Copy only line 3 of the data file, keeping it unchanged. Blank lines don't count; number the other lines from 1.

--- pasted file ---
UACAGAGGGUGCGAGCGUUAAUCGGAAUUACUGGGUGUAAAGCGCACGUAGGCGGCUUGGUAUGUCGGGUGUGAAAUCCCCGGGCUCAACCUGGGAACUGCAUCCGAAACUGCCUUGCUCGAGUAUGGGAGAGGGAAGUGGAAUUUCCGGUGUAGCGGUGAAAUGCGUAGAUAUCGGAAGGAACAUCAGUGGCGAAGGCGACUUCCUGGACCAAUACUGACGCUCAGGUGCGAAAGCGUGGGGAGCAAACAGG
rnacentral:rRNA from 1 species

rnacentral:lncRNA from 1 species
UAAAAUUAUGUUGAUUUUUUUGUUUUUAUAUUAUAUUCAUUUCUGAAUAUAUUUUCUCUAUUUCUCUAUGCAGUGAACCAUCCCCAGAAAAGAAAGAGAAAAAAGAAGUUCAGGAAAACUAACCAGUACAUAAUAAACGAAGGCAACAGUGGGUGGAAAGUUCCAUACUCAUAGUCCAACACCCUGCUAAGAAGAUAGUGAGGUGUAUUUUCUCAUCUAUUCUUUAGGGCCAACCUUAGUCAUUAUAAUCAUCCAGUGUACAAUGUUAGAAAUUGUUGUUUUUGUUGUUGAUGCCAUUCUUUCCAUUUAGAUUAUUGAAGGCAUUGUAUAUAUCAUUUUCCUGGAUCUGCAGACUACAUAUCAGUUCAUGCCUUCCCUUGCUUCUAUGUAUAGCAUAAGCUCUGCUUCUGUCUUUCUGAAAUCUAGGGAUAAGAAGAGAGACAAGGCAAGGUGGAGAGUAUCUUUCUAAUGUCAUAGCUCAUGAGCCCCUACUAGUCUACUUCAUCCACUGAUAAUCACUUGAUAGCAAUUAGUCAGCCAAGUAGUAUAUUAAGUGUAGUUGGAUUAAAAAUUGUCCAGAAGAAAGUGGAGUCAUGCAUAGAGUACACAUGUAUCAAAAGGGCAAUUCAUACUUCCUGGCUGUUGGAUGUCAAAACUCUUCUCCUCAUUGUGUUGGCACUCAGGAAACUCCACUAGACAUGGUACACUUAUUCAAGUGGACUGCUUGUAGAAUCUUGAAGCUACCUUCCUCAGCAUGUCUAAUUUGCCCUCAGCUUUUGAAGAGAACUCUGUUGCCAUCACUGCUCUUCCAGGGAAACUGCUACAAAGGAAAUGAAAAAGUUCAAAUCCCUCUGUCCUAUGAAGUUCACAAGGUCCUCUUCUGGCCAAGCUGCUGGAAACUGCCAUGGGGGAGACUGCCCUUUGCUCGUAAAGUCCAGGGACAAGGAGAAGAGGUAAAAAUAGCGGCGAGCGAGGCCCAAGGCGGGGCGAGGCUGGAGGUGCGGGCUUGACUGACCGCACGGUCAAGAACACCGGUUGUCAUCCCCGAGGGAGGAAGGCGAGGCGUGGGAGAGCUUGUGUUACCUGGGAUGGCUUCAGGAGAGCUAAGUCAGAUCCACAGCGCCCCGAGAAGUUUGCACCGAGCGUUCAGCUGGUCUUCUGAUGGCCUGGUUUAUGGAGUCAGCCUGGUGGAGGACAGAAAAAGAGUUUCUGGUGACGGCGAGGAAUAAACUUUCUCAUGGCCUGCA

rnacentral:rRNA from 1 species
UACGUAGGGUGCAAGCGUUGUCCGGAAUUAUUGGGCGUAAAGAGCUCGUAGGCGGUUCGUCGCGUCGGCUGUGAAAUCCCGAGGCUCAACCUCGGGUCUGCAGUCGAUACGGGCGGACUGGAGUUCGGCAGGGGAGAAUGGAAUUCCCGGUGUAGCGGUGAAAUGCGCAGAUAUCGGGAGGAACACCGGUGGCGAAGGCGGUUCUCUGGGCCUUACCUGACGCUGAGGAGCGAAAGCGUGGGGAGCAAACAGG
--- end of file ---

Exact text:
rnacentral:lncRNA from 1 species